By 1990, I had been researching my family history for about 16 years. I'd made a couple of research trips to Michigan, written countless letters to libraries, archives, distant relatives and courthouses, and spent endless hours at the Seattle Public Library and National Archives on Sand Point Way, cranking the handles of microfilm machines.
I had determined that my parents were sixteenth cousins three times removed (or something of the sort), and traced certain lines back to the 1400's, plugging in names and dates from printed books and genealogies on the shelves at the Seattle Public Library. I was a member of the National Genealogical Society for a year, but the NGS Quarterly was way, way above my head. I was entering all this information into my database, the DOS-based Roots III, and printing out pedigree charts and narrative reports on my dot-matrix printer.
Then I had to stop everything to cope with a difficult pregnancy. After my son was born, I now had to find someone to watch both my children (not just one) in order for me to go research. The problem was, there wasn't really anything else for me to find. I was tired of brick walls that would never get torn down, and my heart just wasn't in it any more. I figured I had found all I was ever going to find. When my computer crashed, I didn't bother to replace Roots III, and though I kept all my records and printouts, they just gathered dust, packed away in boxes under my bed or in the closet. Genealogy had lost its fascination, and I figured that was more or less permanent.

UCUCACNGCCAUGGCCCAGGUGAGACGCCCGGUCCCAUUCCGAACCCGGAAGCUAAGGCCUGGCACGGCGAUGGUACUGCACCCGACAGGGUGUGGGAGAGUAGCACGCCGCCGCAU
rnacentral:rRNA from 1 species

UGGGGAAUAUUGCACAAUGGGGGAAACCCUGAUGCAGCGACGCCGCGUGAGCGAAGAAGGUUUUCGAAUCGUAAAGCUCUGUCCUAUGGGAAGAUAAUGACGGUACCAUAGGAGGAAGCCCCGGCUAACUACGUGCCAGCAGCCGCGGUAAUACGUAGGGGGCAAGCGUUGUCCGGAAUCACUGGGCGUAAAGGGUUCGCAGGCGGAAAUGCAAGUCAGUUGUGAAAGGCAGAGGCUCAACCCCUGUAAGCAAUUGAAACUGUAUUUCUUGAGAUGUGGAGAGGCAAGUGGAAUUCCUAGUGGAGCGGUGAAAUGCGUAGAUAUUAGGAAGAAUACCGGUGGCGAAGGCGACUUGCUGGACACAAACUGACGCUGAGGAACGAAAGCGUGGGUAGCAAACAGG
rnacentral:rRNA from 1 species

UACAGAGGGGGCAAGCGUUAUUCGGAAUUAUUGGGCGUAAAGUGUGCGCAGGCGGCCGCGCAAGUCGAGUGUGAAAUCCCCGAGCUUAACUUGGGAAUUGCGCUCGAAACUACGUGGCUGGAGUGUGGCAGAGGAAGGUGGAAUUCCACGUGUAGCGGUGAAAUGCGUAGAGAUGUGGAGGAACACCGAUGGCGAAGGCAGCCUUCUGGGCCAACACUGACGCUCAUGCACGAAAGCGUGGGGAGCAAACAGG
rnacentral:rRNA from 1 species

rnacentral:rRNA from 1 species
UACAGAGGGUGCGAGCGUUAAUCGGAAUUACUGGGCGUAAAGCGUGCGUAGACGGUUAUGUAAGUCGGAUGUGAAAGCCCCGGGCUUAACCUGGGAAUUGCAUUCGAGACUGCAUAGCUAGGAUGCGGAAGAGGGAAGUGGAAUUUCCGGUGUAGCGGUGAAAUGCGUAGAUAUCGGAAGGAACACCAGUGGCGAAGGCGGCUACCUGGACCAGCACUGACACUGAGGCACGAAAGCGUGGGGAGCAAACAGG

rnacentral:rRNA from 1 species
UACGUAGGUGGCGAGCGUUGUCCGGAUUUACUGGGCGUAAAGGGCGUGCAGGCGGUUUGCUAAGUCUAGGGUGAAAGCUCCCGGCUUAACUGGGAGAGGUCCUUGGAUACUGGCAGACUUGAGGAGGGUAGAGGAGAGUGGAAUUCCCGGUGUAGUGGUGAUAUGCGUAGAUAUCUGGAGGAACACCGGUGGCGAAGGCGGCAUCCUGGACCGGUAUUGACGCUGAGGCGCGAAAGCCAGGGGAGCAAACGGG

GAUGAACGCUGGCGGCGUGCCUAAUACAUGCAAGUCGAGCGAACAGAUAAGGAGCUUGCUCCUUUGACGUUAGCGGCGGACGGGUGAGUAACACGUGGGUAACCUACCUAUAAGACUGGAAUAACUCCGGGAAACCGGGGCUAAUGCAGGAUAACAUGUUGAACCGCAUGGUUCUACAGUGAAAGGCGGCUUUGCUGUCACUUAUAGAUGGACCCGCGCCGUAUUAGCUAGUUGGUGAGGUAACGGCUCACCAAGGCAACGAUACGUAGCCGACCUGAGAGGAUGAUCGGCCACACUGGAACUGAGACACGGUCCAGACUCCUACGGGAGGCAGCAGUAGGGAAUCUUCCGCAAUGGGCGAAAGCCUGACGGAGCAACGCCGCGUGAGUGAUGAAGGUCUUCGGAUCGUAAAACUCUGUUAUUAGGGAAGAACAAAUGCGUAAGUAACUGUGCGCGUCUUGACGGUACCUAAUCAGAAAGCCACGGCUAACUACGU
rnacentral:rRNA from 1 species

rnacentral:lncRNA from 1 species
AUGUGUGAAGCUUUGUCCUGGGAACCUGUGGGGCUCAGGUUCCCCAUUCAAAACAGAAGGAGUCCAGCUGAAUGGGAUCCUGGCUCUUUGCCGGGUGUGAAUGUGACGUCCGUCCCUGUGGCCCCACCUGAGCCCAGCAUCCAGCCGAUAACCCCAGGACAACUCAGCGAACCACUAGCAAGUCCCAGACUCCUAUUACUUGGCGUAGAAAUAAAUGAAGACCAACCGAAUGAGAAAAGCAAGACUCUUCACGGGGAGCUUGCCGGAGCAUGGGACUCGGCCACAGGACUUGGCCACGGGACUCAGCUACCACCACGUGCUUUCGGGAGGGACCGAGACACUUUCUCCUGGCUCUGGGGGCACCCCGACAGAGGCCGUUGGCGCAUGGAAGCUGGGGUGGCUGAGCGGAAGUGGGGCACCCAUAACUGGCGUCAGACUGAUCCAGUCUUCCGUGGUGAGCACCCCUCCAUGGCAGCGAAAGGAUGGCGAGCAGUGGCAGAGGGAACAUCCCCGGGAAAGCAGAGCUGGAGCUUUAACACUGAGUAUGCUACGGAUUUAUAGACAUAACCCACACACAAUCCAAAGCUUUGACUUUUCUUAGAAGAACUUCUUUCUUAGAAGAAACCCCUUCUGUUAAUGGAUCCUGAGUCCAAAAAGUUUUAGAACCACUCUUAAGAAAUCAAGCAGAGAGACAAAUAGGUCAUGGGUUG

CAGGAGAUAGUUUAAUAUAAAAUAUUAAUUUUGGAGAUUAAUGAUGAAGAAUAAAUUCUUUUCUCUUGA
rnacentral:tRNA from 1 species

In all of my 16 years of research, I had not yet learned that there is ALWAYS something more to find!